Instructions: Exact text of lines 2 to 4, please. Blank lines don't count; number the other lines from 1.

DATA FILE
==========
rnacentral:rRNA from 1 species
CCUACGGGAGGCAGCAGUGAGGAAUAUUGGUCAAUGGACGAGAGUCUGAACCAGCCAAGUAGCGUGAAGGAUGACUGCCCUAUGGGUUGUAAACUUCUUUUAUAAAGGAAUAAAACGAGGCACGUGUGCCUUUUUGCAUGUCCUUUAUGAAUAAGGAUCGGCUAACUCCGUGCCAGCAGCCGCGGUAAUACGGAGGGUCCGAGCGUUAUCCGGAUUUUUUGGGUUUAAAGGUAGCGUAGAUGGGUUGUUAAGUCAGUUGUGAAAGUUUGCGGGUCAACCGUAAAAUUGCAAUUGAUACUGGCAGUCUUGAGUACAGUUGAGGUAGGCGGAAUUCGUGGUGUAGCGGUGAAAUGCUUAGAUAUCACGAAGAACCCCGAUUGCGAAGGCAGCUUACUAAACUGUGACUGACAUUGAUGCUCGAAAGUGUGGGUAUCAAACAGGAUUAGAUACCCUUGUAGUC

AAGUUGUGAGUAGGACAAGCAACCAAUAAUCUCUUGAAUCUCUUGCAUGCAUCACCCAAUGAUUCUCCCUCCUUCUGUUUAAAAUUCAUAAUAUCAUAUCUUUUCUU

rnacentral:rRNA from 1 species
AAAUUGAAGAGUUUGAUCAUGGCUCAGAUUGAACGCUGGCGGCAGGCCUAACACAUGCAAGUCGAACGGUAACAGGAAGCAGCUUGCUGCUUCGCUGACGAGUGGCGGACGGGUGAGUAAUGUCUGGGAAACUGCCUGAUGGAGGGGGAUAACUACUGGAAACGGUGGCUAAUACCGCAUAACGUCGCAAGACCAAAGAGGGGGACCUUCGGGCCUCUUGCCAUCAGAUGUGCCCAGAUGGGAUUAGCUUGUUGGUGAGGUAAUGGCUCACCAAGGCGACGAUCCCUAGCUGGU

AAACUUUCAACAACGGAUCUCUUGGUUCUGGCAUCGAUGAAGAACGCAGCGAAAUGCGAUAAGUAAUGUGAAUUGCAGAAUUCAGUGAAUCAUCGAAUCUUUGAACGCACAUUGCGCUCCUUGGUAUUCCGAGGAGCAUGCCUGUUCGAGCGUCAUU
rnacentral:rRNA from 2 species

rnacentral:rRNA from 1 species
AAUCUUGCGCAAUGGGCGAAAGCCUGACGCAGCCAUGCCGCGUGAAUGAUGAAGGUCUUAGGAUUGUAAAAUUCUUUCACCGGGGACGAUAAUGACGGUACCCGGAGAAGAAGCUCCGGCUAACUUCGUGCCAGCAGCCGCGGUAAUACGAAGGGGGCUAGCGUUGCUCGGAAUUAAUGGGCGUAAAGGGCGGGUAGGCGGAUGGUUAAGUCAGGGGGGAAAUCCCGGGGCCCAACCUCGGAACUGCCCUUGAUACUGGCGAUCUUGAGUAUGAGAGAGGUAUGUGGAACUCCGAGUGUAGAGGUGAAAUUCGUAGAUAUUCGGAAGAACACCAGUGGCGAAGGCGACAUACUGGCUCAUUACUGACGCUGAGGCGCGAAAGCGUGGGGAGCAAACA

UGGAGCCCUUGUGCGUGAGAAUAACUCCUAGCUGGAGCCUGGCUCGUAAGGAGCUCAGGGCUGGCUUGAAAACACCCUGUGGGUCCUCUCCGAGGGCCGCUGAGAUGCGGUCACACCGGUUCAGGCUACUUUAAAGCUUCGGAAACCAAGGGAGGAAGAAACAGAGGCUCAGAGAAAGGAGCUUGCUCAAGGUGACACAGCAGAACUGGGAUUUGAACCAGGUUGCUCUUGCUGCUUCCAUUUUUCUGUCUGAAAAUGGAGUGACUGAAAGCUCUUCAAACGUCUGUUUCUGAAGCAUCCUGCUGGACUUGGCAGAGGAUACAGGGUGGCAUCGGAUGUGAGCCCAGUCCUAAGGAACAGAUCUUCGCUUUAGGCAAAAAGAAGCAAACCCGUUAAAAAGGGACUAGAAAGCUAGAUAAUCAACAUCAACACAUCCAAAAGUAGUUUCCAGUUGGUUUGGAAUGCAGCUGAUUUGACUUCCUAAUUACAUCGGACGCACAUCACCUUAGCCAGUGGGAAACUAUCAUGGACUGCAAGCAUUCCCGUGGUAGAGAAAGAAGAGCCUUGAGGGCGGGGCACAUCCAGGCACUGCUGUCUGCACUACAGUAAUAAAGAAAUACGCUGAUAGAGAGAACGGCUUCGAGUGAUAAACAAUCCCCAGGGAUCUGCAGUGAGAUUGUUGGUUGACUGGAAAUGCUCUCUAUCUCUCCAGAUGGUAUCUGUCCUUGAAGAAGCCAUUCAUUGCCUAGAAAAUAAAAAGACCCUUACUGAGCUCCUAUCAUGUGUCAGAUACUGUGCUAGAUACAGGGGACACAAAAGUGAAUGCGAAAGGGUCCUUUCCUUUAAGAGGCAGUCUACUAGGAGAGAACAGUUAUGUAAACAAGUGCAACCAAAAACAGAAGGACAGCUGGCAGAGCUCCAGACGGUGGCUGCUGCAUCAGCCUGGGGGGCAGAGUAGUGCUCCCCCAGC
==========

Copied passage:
CCUACGGGAGGCAGCAGUGAGGAAUAUUGGUCAAUGGACGAGAGUCUGAACCAGCCAAGUAGCGUGAAGGAUGACUGCCCUAUGGGUUGUAAACUUCUUUUAUAAAGGAAUAAAACGAGGCACGUGUGCCUUUUUGCAUGUCCUUUAUGAAUAAGGAUCGGCUAACUCCGUGCCAGCAGCCGCGGUAAUACGGAGGGUCCGAGCGUUAUCCGGAUUUUUUGGGUUUAAAGGUAGCGUAGAUGGGUUGUUAAGUCAGUUGUGAAAGUUUGCGGGUCAACCGUAAAAUUGCAAUUGAUACUGGCAGUCUUGAGUACAGUUGAGGUAGGCGGAAUUCGUGGUGUAGCGGUGAAAUGCUUAGAUAUCACGAAGAACCCCGAUUGCGAAGGCAGCUUACUAAACUGUGACUGACAUUGAUGCUCGAAAGUGUGGGUAUCAAACAGGAUUAGAUACCCUUGUAGUC

AAGUUGUGAGUAGGACAAGCAACCAAUAAUCUCUUGAAUCUCUUGCAUGCAUCACCCAAUGAUUCUCCCUCCUUCUGUUUAAAAUUCAUAAUAUCAUAUCUUUUCUU

rnacentral:rRNA from 1 species